Get a gift that…
*Captures memories all year around with a Video or Digital Camera
*Helps you communicate better with a Smart Phone, iPhone or Cell Phone
*Reflects the strength of your love with Special Jewelry and Bling
*Keeps the honeymoon going and going with Christmas Sleepwear for Him and Her
*Makes your house a home with Personalized Home Decorations
*Directs you to the right place every time with Precise and Exact Coordinates
*Allows you to burn some calories with Activities for Both of You
Reflect on Your First Year and Plan for the Year Ahead
Spend some time looking back on your life together since the wedding. What has surprised you the most? What has the transition to married
life been like? How do you think the rest of your first year will go, and why? With Christmas being so close to the start of the New Year, make some resolutions for your relationship. Commit to read a marriage book together, attend a marriage conference, or download a podcast of a
relationship speaker. Do something in the upcoming year to invest in the health and quality of your relationship.
Remember What Christmas is All About
In the midst of the lights, the eggnog lattes and the familiar songs about snow and chestnuts, take some time to read the original Christmas story in the Bible (Luke 2). Read Matthew 1 and 2, and Luke 1 to get a broader perspective before and during the time of Jesus’ birth. Look at the
story from the perspective of a couple and talk about the relationship of Mary and Joseph and what they may have been going through during
this significant moment in history.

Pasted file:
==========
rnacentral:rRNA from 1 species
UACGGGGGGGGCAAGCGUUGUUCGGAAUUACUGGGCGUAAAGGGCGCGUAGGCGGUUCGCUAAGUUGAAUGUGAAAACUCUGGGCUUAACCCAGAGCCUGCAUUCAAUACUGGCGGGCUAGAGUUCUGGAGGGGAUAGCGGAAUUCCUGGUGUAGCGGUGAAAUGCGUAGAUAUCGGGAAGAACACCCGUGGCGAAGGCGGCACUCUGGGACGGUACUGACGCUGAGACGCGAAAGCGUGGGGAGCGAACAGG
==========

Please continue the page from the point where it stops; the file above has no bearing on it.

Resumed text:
While the holiday season is a jumble of memories, traditions, expectations and experiences, we shouldn’t lose sight that Christmas is about celebrating God’s greatest gift to mankind: “For to us a child is born, to us a son is given, and the government will be on his shoulders. And he will be called Wonderful Counselor, Mighty God, Everlasting Father, Prince of Peace.” (Isaiah 9:6)
Your first Christmas together as husband and wife should be nothing short of fun, memorable and stress-free. And it can be if you take control of it.
K. Jason Krafsky is the author of Before “I Do” – Preparing for the Full Marriage Experience (Turn the Tide Resource Group –www.FullMarriageExperience.com).
As a marriage junkie, Jason supports his habit by training leaders on
marriage issues, writing articles and books on marriage and family
relationships, coaching communities, churches, and ministries on
marriage strengthening strategies, and teaching couples about
relationship issues (check out his blog at www.MarriageJunkie.com).
Jason’s ultimate fix comes from his wife Kelli. They live in the
foothills of Washington’s Cascade Mountains with their four children.
Contact him at firstname.lastname@example.org, MySpace (marriagejunkie), or Facebook.
Copyright © 2008 by K. Jason Krafsky – Permission granted to use and reproduce with proper source citation.